Date published: 23 February 2024

 February is LGBT+ History Month and the aim of the month is to promote equality and diversity for the benefit of the public.

It is a celebration of lesbian, gay, bisexual, trans, and gender diverse history, including the history of LGBT+ rights and related civil rights movements.

This year’s theme celebrates LGBT+ people’s contributions to the field of medicine and healthcare both historically and today.

Providing a platform for LGBT+ people to be able to tell their stories is so important because it reminds us all, despite your identity or sexual orientation, everyone can achieve their full potential and contribute fully to society in their careers and personal lives.

Further to a story shared by Interim-Chair of EMAS LGBT+ Network Anthony Sinclair earlier, another colleague with a totally different background would like to share her own story in support of the LGBT+ History Month.

"Hello! I’m Yvonne from the Communications team. Originally from Hong Kong, I’ve been working at EMAS for almost a year. Like many working women, I led a long and busy working life in Hong Kong before moving to the UK in 2022.

"At first, I hesitated to share my story but after reading Anthony’s inspirational story last week, I felt compelled to share mine as well.Yvonne Cheng.jpg

"When I was young, I always thought I would have my own family one day; including a loving husband and maybe our own children by my mid-thirties; just as my parents or peers would expect of me.

"But it seemed this plan had to be re-considered when I realised I had feelings for a close friend, who is also a woman. From previous relationships I knew how good it felt to be truly in love with someone. At the same time, I remembered how shocked I was to realise these feelings because until then I thought I used to be only attracted to guys. This discovery was something new and big to me, and I didn’t know how to handle this.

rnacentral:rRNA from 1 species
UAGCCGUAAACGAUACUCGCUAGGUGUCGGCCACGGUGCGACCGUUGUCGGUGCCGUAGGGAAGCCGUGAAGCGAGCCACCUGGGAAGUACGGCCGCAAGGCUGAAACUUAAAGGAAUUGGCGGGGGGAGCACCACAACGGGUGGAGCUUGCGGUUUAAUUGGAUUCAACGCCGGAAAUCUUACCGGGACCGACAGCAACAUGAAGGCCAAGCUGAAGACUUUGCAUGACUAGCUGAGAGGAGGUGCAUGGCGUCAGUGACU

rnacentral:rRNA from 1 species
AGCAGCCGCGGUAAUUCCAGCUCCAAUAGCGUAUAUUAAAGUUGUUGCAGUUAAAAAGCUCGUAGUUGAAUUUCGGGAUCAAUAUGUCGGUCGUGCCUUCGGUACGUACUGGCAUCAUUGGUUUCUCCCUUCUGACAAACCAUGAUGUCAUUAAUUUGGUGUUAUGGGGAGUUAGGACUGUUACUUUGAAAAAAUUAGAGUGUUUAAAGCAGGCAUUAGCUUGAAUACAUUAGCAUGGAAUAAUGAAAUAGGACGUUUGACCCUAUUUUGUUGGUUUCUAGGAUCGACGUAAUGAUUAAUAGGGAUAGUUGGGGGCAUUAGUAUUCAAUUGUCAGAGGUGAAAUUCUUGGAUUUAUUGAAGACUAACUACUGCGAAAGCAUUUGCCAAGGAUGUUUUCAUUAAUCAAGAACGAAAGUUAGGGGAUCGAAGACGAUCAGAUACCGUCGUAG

"While I understand some people are born gay and lesbian, I don’t believe that’s what I am. I chose not to seek advice from my gay friends or others, preferring to introspect and come to terms with my feelings independently. I needed to observe the innermost of myself for some time carefully and quietly, without being affected by others’ opinion or perception, in order to digest and accept this ‘change’.

"It took me almost a year to identify myself, my orientation, and the relationship with my partner. I realised a relationship could be developed by people with the same gender. At the same time, it could be developed where gender and other factors are not boundaries at all, as long as the couple share similar values, interests, dreams and passion in life. 

"I’ve been fortunate to have a supportive partner who has stood by me, including in our decision to move to the UK and start a new chapter.

"I was even more fortunate to have the opportunity to work in the EMAS Communications Team because it allows me to contribute my existing marketing and communications skills and experience in my current role, while feeling accepted and respected regardless of my origin, nationality, background and orientation.

"Before joining EMAS, I could not have imagined colleagues within a work environment being able to discuss this topic so openly and freely, without the fear of being isolated and alienated. This is something I have never experienced before.

"I feel more relaxed and happier to be able to share more of my personal life with colleagues, like being fully open about my weekend plans or my holiday bucket list, without the fear that doing this will ‘out’ me.

"I've found a sense of pride in being part of a diverse and inclusive organisation like EMAS. Witnessing colleagues from various backgrounds work together towards a common goal and vision by delivering the best possible care to patients has been inspiring.

"I'm grateful for the support provided by the EMAS LGBT+ Network, which empowers and supports colleagues who may feel different from the mainstream. The work of the network encourages staff at all levels of an organisation to consider how inclusive they are, and what more we can all do for LGBT+ colleagues, service users and visitors."